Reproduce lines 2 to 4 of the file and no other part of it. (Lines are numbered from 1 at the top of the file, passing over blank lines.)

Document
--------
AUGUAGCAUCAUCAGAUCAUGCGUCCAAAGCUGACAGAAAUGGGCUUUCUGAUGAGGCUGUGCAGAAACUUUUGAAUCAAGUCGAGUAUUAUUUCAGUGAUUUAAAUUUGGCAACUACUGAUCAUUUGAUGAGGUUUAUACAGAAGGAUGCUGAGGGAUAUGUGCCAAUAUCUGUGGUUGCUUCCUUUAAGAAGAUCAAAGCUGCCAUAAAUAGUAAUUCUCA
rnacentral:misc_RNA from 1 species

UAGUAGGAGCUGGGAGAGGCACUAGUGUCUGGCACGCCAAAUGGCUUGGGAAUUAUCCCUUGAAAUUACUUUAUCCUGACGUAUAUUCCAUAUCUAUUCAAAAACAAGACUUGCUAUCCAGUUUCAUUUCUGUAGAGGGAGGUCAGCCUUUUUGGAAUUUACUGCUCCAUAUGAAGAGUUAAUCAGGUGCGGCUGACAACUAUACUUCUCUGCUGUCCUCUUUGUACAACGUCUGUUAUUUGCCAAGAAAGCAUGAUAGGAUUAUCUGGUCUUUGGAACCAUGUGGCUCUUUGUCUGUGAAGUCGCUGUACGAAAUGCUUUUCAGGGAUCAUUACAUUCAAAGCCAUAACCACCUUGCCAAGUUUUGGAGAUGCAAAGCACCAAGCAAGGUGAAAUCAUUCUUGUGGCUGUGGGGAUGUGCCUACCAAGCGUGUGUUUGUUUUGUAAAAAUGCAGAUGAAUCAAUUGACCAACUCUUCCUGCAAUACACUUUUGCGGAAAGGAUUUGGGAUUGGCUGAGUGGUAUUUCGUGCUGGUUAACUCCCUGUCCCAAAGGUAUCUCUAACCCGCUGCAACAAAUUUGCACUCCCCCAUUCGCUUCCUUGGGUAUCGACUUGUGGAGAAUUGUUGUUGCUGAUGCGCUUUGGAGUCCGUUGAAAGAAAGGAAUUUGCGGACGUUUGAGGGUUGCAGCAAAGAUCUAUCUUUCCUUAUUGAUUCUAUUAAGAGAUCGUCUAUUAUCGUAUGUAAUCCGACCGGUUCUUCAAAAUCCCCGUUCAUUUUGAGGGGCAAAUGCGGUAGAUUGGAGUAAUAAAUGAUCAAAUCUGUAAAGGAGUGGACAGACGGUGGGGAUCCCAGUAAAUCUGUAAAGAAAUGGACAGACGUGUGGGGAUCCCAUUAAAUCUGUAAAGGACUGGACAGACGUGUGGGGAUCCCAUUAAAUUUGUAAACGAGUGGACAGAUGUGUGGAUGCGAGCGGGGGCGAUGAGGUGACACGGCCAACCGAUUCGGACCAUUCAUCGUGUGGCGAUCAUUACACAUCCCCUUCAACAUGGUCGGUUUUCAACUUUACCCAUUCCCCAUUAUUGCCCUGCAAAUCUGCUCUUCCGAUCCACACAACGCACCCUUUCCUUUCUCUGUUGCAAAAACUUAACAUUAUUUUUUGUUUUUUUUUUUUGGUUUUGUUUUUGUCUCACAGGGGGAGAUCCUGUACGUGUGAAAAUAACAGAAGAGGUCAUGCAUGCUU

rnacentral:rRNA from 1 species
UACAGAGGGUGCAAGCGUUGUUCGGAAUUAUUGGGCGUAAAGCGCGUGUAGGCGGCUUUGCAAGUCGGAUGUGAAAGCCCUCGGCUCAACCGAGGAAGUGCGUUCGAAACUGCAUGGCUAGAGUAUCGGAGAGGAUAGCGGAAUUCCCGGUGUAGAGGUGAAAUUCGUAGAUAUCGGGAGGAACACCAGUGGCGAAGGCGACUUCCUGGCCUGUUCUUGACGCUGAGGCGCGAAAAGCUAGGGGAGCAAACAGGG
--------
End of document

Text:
rnacentral:misc_RNA from 1 species

UAGUAGGAGCUGGGAGAGGCACUAGUGUCUGGCACGCCAAAUGGCUUGGGAAUUAUCCCUUGAAAUUACUUUAUCCUGACGUAUAUUCCAUAUCUAUUCAAAAACAAGACUUGCUAUCCAGUUUCAUUUCUGUAGAGGGAGGUCAGCCUUUUUGGAAUUUACUGCUCCAUAUGAAGAGUUAAUCAGGUGCGGCUGACAACUAUACUUCUCUGCUGUCCUCUUUGUACAACGUCUGUUAUUUGCCAAGAAAGCAUGAUAGGAUUAUCUGGUCUUUGGAACCAUGUGGCUCUUUGUCUGUGAAGUCGCUGUACGAAAUGCUUUUCAGGGAUCAUUACAUUCAAAGCCAUAACCACCUUGCCAAGUUUUGGAGAUGCAAAGCACCAAGCAAGGUGAAAUCAUUCUUGUGGCUGUGGGGAUGUGCCUACCAAGCGUGUGUUUGUUUUGUAAAAAUGCAGAUGAAUCAAUUGACCAACUCUUCCUGCAAUACACUUUUGCGGAAAGGAUUUGGGAUUGGCUGAGUGGUAUUUCGUGCUGGUUAACUCCCUGUCCCAAAGGUAUCUCUAACCCGCUGCAACAAAUUUGCACUCCCCCAUUCGCUUCCUUGGGUAUCGACUUGUGGAGAAUUGUUGUUGCUGAUGCGCUUUGGAGUCCGUUGAAAGAAAGGAAUUUGCGGACGUUUGAGGGUUGCAGCAAAGAUCUAUCUUUCCUUAUUGAUUCUAUUAAGAGAUCGUCUAUUAUCGUAUGUAAUCCGACCGGUUCUUCAAAAUCCCCGUUCAUUUUGAGGGGCAAAUGCGGUAGAUUGGAGUAAUAAAUGAUCAAAUCUGUAAAGGAGUGGACAGACGGUGGGGAUCCCAGUAAAUCUGUAAAGAAAUGGACAGACGUGUGGGGAUCCCAUUAAAUCUGUAAAGGACUGGACAGACGUGUGGGGAUCCCAUUAAAUUUGUAAACGAGUGGACAGAUGUGUGGAUGCGAGCGGGGGCGAUGAGGUGACACGGCCAACCGAUUCGGACCAUUCAUCGUGUGGCGAUCAUUACACAUCCCCUUCAACAUGGUCGGUUUUCAACUUUACCCAUUCCCCAUUAUUGCCCUGCAAAUCUGCUCUUCCGAUCCACACAACGCACCCUUUCCUUUCUCUGUUGCAAAAACUUAACAUUAUUUUUUGUUUUUUUUUUUUGGUUUUGUUUUUGUCUCACAGGGGGAGAUCCUGUACGUGUGAAAAUAACAGAAGAGGUCAUGCAUGCUU

rnacentral:rRNA from 1 species